The too-commonly held belief that the pursuit of economic growth brings prosperity for all has proven mistaken. The ideas that our economy is dematerialising, or that we will eventually become rich enough to reverse the harm we have caused, are not only wrong, but extremely dangerous – now more than ever.
It is now 56 years since Ronald Reagan kickstarted the era of neo-liberalism with his notorious speech A Time for Choosing. His argument was deeply rooted in the ideas of Milton Friedman and others who argued for unfettered market forces.
Since then we have extinguished two thirds of non-human animal life on the planet and have breached a range of planetary boundaries in the pursuit of ever-increasing economic growth. What conventional economists regard as a ‘healthy’ level of 3 per cent annual growth will result in a doubling in the size of the economy every 23.5 years and bring along with it a doubling in the environmental damage required to power that growth over the same period.
The obsession with growth goes even further back to an economist called Simon Kuznets, who formulated the idea of Gross National Product (GNP) in the 1930s at the request of the US Department of Commerce. He observed at the time that it would be a big mistake to make this the primary measure of the economy but his warning went unheeded and maximisation of GNP increasingly became an obsession for governments around the world.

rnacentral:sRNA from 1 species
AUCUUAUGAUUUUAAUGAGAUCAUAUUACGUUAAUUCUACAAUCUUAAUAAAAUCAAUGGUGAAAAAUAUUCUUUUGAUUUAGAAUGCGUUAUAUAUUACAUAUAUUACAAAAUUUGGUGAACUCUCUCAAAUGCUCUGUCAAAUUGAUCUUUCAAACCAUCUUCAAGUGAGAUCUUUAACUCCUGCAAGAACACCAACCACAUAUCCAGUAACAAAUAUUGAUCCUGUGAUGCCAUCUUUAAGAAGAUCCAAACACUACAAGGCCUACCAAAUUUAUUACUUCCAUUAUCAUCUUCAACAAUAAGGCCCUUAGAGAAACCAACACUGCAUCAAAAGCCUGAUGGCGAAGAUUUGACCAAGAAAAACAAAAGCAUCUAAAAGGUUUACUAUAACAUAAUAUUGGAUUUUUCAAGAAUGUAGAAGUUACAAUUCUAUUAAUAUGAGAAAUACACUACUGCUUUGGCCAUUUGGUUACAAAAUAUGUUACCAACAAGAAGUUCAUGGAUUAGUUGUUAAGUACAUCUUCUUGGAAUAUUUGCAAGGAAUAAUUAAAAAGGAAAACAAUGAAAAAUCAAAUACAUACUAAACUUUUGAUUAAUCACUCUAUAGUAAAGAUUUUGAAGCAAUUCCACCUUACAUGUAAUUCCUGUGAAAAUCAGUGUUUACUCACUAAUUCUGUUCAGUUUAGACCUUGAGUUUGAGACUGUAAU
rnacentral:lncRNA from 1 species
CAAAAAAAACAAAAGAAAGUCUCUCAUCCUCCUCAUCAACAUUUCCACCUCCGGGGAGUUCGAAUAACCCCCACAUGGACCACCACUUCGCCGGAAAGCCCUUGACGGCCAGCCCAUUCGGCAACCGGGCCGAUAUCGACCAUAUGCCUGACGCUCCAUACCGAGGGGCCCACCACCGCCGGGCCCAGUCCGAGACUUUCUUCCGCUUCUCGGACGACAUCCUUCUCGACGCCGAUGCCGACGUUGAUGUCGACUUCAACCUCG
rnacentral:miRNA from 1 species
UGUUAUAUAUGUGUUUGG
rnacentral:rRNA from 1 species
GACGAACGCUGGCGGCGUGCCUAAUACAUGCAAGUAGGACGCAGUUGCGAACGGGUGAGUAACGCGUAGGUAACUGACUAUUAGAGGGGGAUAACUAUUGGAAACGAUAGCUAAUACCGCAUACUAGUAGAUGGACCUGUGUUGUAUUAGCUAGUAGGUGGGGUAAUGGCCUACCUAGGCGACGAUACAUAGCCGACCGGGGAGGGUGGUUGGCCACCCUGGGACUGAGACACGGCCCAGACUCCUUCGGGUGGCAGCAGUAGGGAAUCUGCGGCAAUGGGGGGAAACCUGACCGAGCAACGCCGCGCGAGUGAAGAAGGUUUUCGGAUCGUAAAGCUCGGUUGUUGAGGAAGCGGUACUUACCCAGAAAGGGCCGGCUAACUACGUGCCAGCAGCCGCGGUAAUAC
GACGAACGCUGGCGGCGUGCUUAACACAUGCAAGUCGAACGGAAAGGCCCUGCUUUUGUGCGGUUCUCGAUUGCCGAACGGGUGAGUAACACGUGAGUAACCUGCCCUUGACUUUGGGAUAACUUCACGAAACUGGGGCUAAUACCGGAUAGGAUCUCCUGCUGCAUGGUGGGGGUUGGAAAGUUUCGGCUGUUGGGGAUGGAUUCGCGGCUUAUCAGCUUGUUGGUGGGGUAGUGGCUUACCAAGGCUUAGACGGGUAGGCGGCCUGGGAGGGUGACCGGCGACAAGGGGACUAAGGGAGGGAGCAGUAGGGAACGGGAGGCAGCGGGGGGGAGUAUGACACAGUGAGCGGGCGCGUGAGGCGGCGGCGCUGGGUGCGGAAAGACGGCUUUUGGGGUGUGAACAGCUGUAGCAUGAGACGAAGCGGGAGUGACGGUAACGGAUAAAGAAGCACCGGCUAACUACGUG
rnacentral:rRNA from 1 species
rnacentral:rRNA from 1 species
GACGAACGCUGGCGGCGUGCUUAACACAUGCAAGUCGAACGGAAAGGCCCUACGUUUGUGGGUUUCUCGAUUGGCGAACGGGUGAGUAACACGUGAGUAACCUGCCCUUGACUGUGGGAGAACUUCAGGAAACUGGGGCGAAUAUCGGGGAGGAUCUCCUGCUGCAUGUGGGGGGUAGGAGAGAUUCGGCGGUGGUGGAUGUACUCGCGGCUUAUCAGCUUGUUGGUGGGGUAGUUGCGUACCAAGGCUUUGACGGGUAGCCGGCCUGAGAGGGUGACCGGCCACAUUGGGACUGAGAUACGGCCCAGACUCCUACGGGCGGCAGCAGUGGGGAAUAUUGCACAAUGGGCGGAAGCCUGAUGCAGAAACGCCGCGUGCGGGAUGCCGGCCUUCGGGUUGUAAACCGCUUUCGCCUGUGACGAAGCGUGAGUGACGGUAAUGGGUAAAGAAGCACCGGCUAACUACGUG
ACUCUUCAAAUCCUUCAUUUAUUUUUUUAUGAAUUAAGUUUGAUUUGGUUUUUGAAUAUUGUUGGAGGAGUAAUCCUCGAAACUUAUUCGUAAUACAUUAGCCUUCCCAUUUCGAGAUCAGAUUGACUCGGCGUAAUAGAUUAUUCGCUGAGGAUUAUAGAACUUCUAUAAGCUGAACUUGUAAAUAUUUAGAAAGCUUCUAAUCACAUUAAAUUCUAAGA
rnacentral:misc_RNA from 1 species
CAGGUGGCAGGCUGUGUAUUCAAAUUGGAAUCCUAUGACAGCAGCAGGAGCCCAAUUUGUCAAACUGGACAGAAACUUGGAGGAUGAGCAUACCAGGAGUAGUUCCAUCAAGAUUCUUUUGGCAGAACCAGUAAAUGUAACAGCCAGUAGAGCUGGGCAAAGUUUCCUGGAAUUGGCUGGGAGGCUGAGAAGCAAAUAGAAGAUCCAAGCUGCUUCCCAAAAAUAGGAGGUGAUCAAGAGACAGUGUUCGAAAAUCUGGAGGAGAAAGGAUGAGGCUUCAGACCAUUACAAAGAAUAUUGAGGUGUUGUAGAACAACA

Robert Kennedy’s famous speech in 1968 listed a range of things that GNP excludes – the health of our children, the beauty of our arts, the integrity of our officials, the intelligence of our debate – and concludes that GNP ‘measures everything in short, except that which makes life worthwhile’. The economist Kenneth Boulding observed in 1973 that ‘anyone who thinks you can have infinite growth on a finite planet is either a madman or an economist’.
What is striking about these examples is how old they are and how little has changed. This is partly a testament to the success of neo-liberal ideas championed by Margaret Thatcher and Ronald Reagan and the vast system of thought they created – a Pyrrhic victory that has brought us to the brink of catastrophe, according to the world’s top scientists on the Intergovernmental Panel on Climate Change (IPCC).